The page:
A friend let me know that Duluth recently appeared on Twitter’s Cars.Destroyed.Our.Cities (you might need to log in to see the Tweet; Twitter is undergoing some changes), an account that shows how the addition or removal of car infrastructure can dramatically change the urban environment.
Because train tracks separated downtown from Canal Park long before the construction of I-35, I first thought that the before photo involved a perceptual trick and was taken much closer to the bridge than the after photo. But a photo on Minnesota Reflections shows how the street was kept level with traffic passing underneath at various points, creating a rather seamless integration of Canal Park and Downtown.
The older Twitter photo (and the one above) shows the Bradley Building on the left (demolished in 1979 for the construction of I-35) and Freimuth’s Department Store on the right (torn down in 1968). These two buildings used to be on opposite sides of Lake Avenue on Superior Street, so the two photos shown on Twitter are from the same location.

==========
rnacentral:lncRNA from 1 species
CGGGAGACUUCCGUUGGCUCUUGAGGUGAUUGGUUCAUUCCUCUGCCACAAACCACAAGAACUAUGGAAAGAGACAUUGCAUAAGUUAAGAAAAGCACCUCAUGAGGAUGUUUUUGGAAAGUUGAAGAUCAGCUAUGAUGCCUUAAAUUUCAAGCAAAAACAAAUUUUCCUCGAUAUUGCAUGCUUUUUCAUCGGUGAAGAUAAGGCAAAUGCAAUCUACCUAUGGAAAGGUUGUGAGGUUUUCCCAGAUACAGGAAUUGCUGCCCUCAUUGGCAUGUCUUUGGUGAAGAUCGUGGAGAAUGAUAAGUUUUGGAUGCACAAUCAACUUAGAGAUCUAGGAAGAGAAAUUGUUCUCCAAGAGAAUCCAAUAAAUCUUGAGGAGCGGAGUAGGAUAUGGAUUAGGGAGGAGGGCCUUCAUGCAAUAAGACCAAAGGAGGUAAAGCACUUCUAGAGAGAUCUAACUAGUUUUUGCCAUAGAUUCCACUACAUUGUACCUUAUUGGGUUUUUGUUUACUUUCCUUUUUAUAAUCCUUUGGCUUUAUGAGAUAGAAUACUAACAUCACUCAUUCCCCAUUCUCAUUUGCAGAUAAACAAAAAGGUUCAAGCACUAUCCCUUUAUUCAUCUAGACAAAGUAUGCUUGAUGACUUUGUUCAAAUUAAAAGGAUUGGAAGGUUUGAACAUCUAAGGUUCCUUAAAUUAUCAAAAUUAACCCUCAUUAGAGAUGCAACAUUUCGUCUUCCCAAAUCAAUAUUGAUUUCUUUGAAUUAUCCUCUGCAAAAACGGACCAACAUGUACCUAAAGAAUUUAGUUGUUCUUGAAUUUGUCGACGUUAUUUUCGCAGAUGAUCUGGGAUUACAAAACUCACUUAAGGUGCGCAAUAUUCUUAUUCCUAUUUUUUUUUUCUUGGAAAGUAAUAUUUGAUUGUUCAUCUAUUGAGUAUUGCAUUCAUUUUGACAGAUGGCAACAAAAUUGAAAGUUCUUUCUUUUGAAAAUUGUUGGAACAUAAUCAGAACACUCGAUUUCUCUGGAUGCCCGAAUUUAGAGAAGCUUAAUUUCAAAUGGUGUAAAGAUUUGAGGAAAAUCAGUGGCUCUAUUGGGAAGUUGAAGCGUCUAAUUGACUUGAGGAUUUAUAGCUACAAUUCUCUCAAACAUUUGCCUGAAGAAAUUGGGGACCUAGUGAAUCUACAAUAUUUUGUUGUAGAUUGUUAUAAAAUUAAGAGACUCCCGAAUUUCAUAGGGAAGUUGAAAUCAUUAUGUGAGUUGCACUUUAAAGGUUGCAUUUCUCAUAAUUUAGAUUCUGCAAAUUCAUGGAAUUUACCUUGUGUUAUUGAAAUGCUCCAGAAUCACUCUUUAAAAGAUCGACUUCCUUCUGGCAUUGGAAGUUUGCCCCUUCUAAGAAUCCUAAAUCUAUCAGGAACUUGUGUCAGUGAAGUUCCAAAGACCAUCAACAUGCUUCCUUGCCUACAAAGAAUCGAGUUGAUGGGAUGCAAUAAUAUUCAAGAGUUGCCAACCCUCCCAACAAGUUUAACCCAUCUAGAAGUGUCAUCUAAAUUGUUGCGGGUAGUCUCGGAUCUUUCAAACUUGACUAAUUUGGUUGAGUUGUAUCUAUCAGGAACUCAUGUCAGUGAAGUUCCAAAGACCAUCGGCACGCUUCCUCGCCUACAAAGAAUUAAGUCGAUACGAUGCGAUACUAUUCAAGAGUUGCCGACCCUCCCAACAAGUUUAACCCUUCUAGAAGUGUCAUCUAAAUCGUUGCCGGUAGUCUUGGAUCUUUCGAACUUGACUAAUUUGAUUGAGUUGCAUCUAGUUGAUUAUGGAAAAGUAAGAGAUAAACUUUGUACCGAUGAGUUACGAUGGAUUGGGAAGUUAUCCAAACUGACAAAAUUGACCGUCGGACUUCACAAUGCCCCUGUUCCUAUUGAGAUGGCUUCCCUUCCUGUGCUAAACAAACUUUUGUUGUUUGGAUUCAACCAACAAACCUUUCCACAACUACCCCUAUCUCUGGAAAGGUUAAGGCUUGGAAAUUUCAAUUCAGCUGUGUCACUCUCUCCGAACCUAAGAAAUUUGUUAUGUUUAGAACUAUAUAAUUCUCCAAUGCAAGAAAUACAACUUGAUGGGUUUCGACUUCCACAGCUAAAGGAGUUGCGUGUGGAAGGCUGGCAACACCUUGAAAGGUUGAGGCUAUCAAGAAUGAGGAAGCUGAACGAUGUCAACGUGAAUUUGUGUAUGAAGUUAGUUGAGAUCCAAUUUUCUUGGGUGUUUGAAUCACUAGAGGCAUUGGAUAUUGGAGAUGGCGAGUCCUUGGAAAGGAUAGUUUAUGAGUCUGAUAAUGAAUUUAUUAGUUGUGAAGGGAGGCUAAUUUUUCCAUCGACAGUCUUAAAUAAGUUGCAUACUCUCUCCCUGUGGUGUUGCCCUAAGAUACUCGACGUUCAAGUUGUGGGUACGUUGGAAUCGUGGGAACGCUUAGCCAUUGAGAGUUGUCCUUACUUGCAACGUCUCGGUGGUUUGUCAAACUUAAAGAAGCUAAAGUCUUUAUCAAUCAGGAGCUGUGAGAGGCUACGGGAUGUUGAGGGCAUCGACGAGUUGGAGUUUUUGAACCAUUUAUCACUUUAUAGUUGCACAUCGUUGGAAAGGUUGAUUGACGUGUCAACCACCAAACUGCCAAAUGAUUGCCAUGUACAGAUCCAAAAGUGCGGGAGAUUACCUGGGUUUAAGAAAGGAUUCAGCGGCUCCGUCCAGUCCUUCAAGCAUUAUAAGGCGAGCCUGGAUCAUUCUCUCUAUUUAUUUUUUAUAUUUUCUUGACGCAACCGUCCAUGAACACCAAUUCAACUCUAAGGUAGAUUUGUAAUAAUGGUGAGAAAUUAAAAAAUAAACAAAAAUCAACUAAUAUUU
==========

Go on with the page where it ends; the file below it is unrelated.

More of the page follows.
Of course the construction of I-35 through Duluth in the 1960s and ’70s was highly contested and the original plan would have made a considerably larger impact on downtown and the lakefront.
The image below compares an aerial photo of the location from around 1950 with a current Google Earth image from the same perspective, allowing you to evaluate on your own the degree to which cars destroyed Duluth.
Regardless of what happened in the past, if the plans of the Duluth Waterfront Collective are followed through on, perhaps by the time of PDD’s 40th birthday the After that we have now will have become the Before that we can hardly believe was once how things were.
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